How Preschoolers Learn - 3 to 5 Years Old

What Do Preschoolers Do? Learn to read for preschool
  • Listen to stories and to conversations.
  • Master many rules of grammar.
  • Make up silly words and stories.
  • Imitate adult writing by scribble writing.
  • Copy shapes and some letters.
  • Talk to adults and to other children in complex sentences.
  • Use language to think, to share ideas and feelings, and to learn new things.
  • Enjoy the same books over and over and look at new books.
  • Think about what the characters in a book might feel or do.
  • Retell familiar stories to themselves and others.
  • Draw and write with pencils, crayons, and markers.
  • See print around them and watch adults read and write.
How Do Preschoolers Learn?
Gina bounces out of bed and hurries to the kitchen. She opens the cabinet, takes out a box of cereal, then puts it back. She takes out another box and says, "Grandpa, this is my cereal. It has a big 'P' and lots of stars."

Grandpa says, "That's good thinking." Gina points to a letter on the box, "That's a 'P'." She traces the letter in the air and says, "'P' as in Peter. Peter's name starts with a 'P'. It's on his cubby."

Preschool learning to read Grandpa makes an offer. "Today, we can have our regular story time and then write together. I need to write a letter to a friend. You can write, too."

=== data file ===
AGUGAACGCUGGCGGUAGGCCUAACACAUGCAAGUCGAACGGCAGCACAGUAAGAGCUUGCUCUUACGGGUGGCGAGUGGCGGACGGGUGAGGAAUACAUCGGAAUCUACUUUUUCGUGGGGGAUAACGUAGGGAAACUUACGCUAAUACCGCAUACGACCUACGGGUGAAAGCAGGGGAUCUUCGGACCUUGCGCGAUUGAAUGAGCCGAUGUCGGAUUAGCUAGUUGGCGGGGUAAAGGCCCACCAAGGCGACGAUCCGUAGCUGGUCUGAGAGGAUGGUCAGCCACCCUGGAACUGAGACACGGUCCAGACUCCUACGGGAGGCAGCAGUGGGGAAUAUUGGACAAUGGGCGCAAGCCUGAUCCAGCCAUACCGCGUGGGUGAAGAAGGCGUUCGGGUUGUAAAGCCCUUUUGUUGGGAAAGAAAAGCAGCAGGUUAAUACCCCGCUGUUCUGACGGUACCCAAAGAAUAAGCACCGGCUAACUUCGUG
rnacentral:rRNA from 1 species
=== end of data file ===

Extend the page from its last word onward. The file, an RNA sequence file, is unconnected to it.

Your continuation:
Gina puts her empty bowl in the sink and runs to find her mother. "Mom, I'm gonna read and write with Grandpa." Her mother says, "That sounds like fun. When I take you to family child care, I'll tell Ms. Jenkins that you like to write. You can write at her house and at home."

Like many preschoolers, Gina is learning language:
- She knows that letters (the P) and pictures (the stars) have meaning.
- She knows that people take turns when talking to each other.
- She knows there is a 'P' on her cereal box and at the beginning of Peter's name.

Gina's family helps her learn about language:
- They have a regular story time every day.
- Grandpa offers to write with Gina.
- Mom talks to Ms. Jenkins, so that Gina can write at family child care and at home.
- Grandpa encourages her thinking, so Gina continues exploring the letters on the box.

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